In the ‘Hot Seat’ with Kane Halsey

This week, we have interviewed Kane Halsey the CEO of one of our newest portfolio companies Pickr.

Find out what makes him tick…

 

1.What’s your name and where do you come from?

Kane Halsey and I’m from Norfolk.

2.Give us a quick overview of your company and what it does.

Pickr is a digital staffing platform that connects workers with the industrial businesses who need their skills.

Pickr empowers these businesses with the tools they need to get the job done quicker, more efficiently and cheaper than traditional recruitment methods.

3.What’s the next big idea that nobody is thinking about yet? Why is this so important?

Technology has been used to revolutionise the way we do everything, from ordering food to how you can date. So why not recruitment? This is a real problem for some sectors who are ignored by both recruiters and other staffing platforms, specifically utilities and telecoms industries who we serve.

These sectors need skilled workers on a flexible basis, often at short notice. Pickr has streamlined the whole process of prospecting workers, through to hiring and even managing productivity on site. Traditional recruiters simply cannot deliver the quantity or quality of workers for these roles quickly or cost effectively. Pickr can and the more businesses and workers who sign up the more value we can deliver

4.Looking back to the day you founded the company, what is the one thing you wish you had known before starting off?

I think it’s about being tech first. We spent a lot of time developing a technology to serve a generic jobs market. Now we’ve found we can deliver the most value to a specific industrial niche with the capability to completely disrupt the sector. It’s frustrating to know in retrospect that time could have been better spent, but that’s part of the growing and learning process.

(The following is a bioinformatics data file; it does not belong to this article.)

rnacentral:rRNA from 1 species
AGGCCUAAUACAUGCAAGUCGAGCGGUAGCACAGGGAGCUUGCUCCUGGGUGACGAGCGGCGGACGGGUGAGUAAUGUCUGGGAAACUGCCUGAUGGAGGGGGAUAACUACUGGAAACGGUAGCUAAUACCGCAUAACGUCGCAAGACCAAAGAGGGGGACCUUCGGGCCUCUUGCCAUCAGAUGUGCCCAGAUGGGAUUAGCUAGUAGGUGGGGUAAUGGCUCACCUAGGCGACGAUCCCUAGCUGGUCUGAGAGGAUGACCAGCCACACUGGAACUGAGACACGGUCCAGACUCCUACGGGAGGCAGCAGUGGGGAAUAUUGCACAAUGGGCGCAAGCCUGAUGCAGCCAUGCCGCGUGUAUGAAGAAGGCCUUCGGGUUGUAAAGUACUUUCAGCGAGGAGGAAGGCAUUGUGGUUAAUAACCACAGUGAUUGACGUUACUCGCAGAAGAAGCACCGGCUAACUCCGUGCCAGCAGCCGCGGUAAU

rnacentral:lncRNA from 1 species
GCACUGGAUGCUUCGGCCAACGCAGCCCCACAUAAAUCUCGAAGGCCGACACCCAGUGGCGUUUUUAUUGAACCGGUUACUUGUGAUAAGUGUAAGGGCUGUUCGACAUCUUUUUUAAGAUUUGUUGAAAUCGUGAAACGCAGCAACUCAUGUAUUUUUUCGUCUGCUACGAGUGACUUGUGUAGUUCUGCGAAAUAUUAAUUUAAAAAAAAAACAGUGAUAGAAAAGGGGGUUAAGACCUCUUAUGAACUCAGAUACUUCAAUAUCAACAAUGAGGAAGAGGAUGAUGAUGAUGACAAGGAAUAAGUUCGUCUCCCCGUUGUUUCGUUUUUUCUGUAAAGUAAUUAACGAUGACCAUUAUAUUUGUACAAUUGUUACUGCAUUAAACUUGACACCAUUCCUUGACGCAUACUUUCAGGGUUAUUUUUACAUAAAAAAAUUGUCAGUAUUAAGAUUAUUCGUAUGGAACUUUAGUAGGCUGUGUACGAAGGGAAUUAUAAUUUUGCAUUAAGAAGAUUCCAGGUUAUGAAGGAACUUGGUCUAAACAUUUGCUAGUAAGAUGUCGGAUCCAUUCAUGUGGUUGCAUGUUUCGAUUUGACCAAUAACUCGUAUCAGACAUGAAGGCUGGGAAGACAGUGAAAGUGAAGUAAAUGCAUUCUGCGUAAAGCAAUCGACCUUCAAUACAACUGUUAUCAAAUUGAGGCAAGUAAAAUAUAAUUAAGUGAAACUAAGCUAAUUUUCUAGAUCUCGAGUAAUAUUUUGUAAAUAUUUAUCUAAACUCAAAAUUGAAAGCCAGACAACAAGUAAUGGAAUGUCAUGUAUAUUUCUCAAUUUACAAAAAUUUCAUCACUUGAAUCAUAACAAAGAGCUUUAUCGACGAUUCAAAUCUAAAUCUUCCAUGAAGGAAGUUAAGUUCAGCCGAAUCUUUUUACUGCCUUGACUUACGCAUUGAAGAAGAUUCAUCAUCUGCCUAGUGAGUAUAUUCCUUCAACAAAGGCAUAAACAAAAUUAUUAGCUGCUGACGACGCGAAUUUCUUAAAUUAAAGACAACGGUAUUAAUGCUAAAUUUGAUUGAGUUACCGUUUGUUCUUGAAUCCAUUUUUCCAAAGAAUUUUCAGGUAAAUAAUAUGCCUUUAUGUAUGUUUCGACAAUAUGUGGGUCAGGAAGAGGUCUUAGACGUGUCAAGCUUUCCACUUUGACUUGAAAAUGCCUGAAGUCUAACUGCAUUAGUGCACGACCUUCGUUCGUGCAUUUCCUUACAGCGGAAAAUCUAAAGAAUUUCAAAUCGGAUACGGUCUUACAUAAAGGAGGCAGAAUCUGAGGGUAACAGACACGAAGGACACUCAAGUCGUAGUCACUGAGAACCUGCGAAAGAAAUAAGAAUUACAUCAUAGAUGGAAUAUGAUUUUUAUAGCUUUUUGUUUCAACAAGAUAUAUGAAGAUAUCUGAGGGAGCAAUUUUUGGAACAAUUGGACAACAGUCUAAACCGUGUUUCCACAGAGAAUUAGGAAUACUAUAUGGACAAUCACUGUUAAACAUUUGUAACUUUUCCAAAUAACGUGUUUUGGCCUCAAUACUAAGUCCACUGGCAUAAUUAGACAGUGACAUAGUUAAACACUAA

5.How do you define success for you / your company?

I think most people’s measure of success would be profitability and that’s a pretty good one! If you have a product people want and need it will ultimately be successful.

I know we’re on to a good thing because our customers tell us so. We’ve created a platform that challenges the status quo and is solving problems which have been limiting their businesses since they began. That not only allows our business to be successful, but others to.

6.What behaviour or personality trait do you most attribute to your ability to achieve what you have achieved so far?

My ability to deal with ambiguity has served me well over the years.I’m pretty good at thinking on my feet during challenging times and come up with creative solutions to problems which would have otherwise held me back.

7.What’s your top idea to improve diversity in the workplace?

Hiring as award-winning business women as my COO has already improved the numbers!

Jokes aside, the Pickr team is relatively diverse, other than in the Dev team which is typically all male but that’s an industry wide problem. I like to feel we do our bit to even that imbalance by sponsoring the local DevelopHer Awards which provides a valuable platform for championing women in tech.

8.What is the best advice you have ever been given and by whom?